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Guesswork is good enough to support restitution order

State v. Angela C. Nellen, 2017AP257-CR, District 4, 4/18/18 (one-judge decision; ineligible for publication); case activity (including briefs)

Completely overlooking the victim’s own restitution hearing testimony that she was guessing about the number and value of the coins they believe were stolen by Nellen, the court of appeals blames Nellen for “fail[ing] to support [her] argument” that the record was insufficient to support the circuit court’s $90,000 restitution order for 30 coins at $3,000 each.

Nellen pled guilty to theft of coins from K.K. and G.K., who had hired Nellen and her boyfriend to help them reorganize and remodel their home. At the restitution hearing M.C., the daughter of K.K. and G.K., testified about the estimated value of the coins because G.K., who had apparently collected the coins, was suffering from dementia. The court characterizes M.C.’s testimony as being based on based on her memory of seeing the coins once in the previous 10 years and what she could recall her father told her about them, and that while she couldn’t recall the specifics of each coin she did some Internet research and did some internet research suggesting the coins were worth between $3,000 to $15,000 each, and that there were 30 to 50 coins in the collection. (¶¶4, 9).

At a restitution hearing the victim has the burden to prove the amount of loss by a preponderance of the evidence, § 973.20(14)(a). As Nellen points out, a preponderance of the evidence finding cannot be based on guesswork, which, however well-intentioned, is not evidence that has a “convincing power” or may be believed “in light of reason and common sense.” Wis. J.I.-Civil 200 at 4. But impressed by the fact the circuit court took the low end of one aspect of M.C.’s testimony (30 coins x $3,000), the court dismisses Nellen’s complaints about the sufficiency of that testimony to support the award:

¶10     Nellen argues that this testimony amounted to mere “guesswork” and did not establish “to a reasonable certainty that there were 30 missing silver coins valued at $3,000 each.” However, Nellen fails to support this argument. On cross-examination of M.C., Nellen’s attorney did not present a compelling challenge to the extent or quality of M.C.’s research into the value of the coins. For example, Nellen’s attorney did not ask M.C. what websites, if any, aside from Google and eBay she might have consulted, nor why she believed that any particular website she visited could have been reliable or unreliable. In short, Nellen fails to persuade me that the record demonstrates that M.C. did not provide the circuit court with adequate foundational testimony to establish that she could give reasonable estimates of both the number and the values of the coins.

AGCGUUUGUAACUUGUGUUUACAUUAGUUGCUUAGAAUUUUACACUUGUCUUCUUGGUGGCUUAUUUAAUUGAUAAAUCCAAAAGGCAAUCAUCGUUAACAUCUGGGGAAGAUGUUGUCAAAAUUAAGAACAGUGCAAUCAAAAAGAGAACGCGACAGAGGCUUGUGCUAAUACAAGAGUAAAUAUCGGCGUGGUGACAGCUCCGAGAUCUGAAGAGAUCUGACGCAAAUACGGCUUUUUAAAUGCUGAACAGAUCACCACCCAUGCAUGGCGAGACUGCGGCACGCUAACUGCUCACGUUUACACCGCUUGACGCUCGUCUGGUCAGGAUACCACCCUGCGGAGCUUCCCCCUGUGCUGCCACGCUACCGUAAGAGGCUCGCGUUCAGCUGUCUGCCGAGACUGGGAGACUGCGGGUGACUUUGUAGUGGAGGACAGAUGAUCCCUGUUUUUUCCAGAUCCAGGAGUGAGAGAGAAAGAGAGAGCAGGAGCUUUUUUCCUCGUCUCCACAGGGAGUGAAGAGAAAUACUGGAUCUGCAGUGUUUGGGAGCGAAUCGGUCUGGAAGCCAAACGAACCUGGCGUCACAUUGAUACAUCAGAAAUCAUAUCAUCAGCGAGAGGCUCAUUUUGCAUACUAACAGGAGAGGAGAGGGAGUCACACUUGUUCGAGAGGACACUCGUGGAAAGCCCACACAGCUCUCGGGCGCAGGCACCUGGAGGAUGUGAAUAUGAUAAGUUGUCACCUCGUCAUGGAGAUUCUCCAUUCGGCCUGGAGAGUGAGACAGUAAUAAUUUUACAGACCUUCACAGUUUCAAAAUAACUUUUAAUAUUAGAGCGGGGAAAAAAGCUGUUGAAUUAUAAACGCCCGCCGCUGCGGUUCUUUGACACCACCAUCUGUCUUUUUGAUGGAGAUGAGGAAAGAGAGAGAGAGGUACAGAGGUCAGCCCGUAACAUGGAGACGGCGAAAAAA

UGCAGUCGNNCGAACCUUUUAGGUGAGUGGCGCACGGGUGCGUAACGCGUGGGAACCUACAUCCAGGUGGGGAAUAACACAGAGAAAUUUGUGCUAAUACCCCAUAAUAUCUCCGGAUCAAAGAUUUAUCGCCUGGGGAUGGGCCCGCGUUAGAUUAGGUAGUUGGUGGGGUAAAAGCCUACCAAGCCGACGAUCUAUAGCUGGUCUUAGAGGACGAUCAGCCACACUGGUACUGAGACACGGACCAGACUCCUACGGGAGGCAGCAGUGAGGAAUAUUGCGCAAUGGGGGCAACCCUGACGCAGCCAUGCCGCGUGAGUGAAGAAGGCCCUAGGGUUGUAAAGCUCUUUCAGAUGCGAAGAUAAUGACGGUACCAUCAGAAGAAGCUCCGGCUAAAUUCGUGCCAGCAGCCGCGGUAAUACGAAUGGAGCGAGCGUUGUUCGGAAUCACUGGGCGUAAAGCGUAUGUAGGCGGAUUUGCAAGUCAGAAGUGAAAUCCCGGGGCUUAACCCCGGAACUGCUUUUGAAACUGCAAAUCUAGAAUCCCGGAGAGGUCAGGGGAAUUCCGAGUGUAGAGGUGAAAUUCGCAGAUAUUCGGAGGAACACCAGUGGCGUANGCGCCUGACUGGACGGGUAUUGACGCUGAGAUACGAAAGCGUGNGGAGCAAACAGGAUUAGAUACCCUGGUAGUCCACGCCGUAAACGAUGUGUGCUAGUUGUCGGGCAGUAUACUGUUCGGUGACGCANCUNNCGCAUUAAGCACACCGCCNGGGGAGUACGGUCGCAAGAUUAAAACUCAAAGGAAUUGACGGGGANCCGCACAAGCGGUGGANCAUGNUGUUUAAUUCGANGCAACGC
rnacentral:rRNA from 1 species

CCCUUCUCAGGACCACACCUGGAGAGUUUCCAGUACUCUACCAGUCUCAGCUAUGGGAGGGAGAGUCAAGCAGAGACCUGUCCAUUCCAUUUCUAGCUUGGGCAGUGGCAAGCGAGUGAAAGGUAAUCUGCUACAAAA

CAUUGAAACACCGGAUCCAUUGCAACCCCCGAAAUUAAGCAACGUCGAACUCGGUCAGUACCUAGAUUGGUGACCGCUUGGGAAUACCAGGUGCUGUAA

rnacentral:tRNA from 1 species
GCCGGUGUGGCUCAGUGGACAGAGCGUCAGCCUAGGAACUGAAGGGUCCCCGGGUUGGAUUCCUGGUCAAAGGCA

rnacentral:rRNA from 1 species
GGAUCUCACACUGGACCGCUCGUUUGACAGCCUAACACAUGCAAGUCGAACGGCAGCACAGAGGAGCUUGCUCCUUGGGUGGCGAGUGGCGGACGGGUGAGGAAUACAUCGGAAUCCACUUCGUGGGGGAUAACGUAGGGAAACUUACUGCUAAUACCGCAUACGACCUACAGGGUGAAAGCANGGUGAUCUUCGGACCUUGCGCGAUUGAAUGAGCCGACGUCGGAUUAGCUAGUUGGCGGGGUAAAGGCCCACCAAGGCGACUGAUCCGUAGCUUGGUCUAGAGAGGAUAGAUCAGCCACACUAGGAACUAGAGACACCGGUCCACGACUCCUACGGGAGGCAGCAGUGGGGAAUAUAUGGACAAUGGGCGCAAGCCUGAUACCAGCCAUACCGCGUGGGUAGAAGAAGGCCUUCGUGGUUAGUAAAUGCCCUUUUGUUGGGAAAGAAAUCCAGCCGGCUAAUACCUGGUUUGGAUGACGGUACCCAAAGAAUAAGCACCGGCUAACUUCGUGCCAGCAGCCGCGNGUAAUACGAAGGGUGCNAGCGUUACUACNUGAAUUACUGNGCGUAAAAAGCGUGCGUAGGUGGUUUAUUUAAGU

What a reader will never learn from the court’s opinion (but can read about in Nellen’s brief-in-chief) is that M.C. herself was well aware of the guesswork she was engaged in, and that it led her to temper the request for restitution. M.C. explained there was no itemized inventory of the coins because her father was a hoarder. She candidly acknowledged she did not know how many coins were in the safe and so guessed there were around 30 to 50 coins. She explained the value of the coins depends on their condition and year of origination and that she did not know the condition or year of origination of any of the coins. In the absence of this crucial information, the Internet research to find “the going rates” for some of the types of coins they knew were stolen still meant it was:

difficult to put an actual number on it, so we really just kind of low-balled everything and just made a guess for everything that was missing and that was how we came to that. …. Just from the guesses we were making and just from the notation I was kind of doing as we were going along, it was somewhere—depending on how much the value of the silver coins themselves were ranging anywhere between $3,000 and $15,000 each, so we kind of went with . . . $500 for each of those and that was where we came up with the lowest number [of $25,000, for 50 coins].

The circuit court even asked M.C. to clarify whether a coin in the worst condition, in the least valuable year, would be worth $3,000, and M.C. responded she could not say what a coin in a lesser condition would be worth, and that it might essentially be worthless.

Yet in the face of M.C.’s testimony—testimony it fails to discuss—the court of appeals concludes it is Nellen who doesn’t support her argument? And that Nellen didn’t adequately question M.C. about her research, when M.C. herself explained why—without knowing condition and year of origin and number of coins—that research could do little more than give pie-in-the-sky numbers? Astounding. Compensating a victim for his or her losses is laudable; ignoring the evidence isn’t.

Nellen also challenges restitution for one of three changes in locks on K.K. and G.K.’s residence. She argues the third change, which included a change to the garage lock, wasn’t casually related to her criminal conduct but only to her boyfriend’s, who continued to have contact with and steal from K.K. and G.K. after Nellen was charged. (¶¶5-6, 12, 15). This argument fails because it is undisputed that Nellen also stole items from the garage, and that necessitated a change to that lock, too. (¶16).

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